Your mileage may vary... in accordance with the prophecy.

Do not back up. Severe tire damage.


Posts: 14924 | Registered: Nov 2007 | From: Winnipeg
noescape
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Default  Posted: 4:17 PM, August 17th (Saturday), 2013View ProfileEdit MessagePrivate MessageHomepage

Excellent posts Aesir, well done sir, well done.


This should be stickied for newbies since a lot of us initially got dragged into the 'unmet needs' rabbit hole right on/after DDay and started work on that while the entire A and the brokenness of waywardness itself was conveniently rugswept.

some can be so incredibly sensitive to how others treat them but just clueless of how they treat others

what UO said ^^^ wow, just hit too close to home with that

and you probably nailed the typical WS case of where this LL/EN stuff is thrown about the most; "s/he didnt validate me, s/he was not affectionate, etc.. etc..."

sometimes we create problems when they aren't there...no matter how hard we look for them

Isn't that the usual WS thought process though? (and I mention this to keep in mind that we're on a infidelity forum and not just any marriage advise site).

That justifications are needed prior to and during the A and the 'problems' are found/manufactured to suit the mindset; only to be 'grown' during the A. I know that my W had attachment issues all along, she was already working on an 'exit strategy' at the start of every relationship she had been in; trust/FOO/ etc.. issues. So it isn't much of a stretch that her focus after the initial 'dating/honeymoon' stage was to manufacture problems.

I think that the EN/LL constructs are, as Aesir just described them, pretty much the staple of any normal and healthy relationship without having them to be singled out as "NEEDs". IMHO, and this is not to cause umbrage to others here, they usually cater to those who haven't had healthy relationship modeling or are incapable of basic trust/vulnerability and give/take of relationship dynamics. And though it may seem to be transactional in nature; closer inspection always goes back to the "the one who is most likely to cheat is the one who invested the least in the relationship"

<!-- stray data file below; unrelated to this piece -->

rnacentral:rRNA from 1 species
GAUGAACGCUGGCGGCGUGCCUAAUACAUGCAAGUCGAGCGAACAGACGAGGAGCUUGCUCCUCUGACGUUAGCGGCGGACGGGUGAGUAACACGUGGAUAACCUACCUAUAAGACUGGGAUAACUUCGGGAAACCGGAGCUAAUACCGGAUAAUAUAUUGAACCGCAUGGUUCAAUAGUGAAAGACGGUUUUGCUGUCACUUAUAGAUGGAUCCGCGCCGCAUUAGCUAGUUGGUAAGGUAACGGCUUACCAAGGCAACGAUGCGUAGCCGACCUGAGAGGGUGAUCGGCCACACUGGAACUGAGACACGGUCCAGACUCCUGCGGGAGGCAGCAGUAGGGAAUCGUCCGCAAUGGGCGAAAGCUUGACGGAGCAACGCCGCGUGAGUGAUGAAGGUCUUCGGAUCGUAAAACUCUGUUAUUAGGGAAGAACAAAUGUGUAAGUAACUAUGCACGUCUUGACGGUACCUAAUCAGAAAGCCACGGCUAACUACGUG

eta: typos... also just saw losfers and aesirs new posts :)

[This message edited by noescape at 4:24 PM, August 17th (Saturday)]


Posts: 739 | Registered: Feb 2012
JanaGreen
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Default  Posted: 12:38 AM, August 18th (Sunday), 2013View ProfileEdit MessagePrivate MessageHomepage

Re: sensitive to how others treat them, clueless as to how they treat others -

My H shuts down when there is conflict between us. Goes stony. I understand now that it is very upsetting to him. Early in our marriage I took the stone wall to mean he had no feelings. Said so many awful things trying for a reaction. I really thought he had no feelings and thus could not be hurt. I was wrong. I was an ass. I know that now.

I guess the ear-raper neverlearned.


We're both in our 30s. One awesome 4-year-old daughter.

Posts: 6835 | Registered: Aug 2010 | From: Somewhere in the South
ladies_first
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Default  Posted: 9:44 AM, August 18th (Sunday), 2013View ProfileEdit MessagePrivate MessageHomepage

Many,many thanks for wincing_at_light's post today on another thread:

I don't believe most men are emotionally unavailable. I think we speak a different emotional dialect, certainly -- and one that all men seem to understand in our own interactions, but it's not like we don't feel what we feel or are incapable of recognizing and respecting our own feelings.

The problem is that our society has crafted a message that the feminine emotional dialect is "more valid", to the extent that men spend a great deal more time developing expertise in reading and understanding women's emotions than women have invested in understanding men.

Instead, our dialect is frequently invalidated -- and must of us learn the appropriate boundary that if our emotional dialect isn't going to be respected, it's healthier not to share those emotions with someone who will insist that we're "doing it wrong".

Men seem to have no issue communicating with safe partners who respect their emotional life.

My experience has been that in most situations where there's an emotionally unavailable man, he's married to an emotionally abusive woman. ...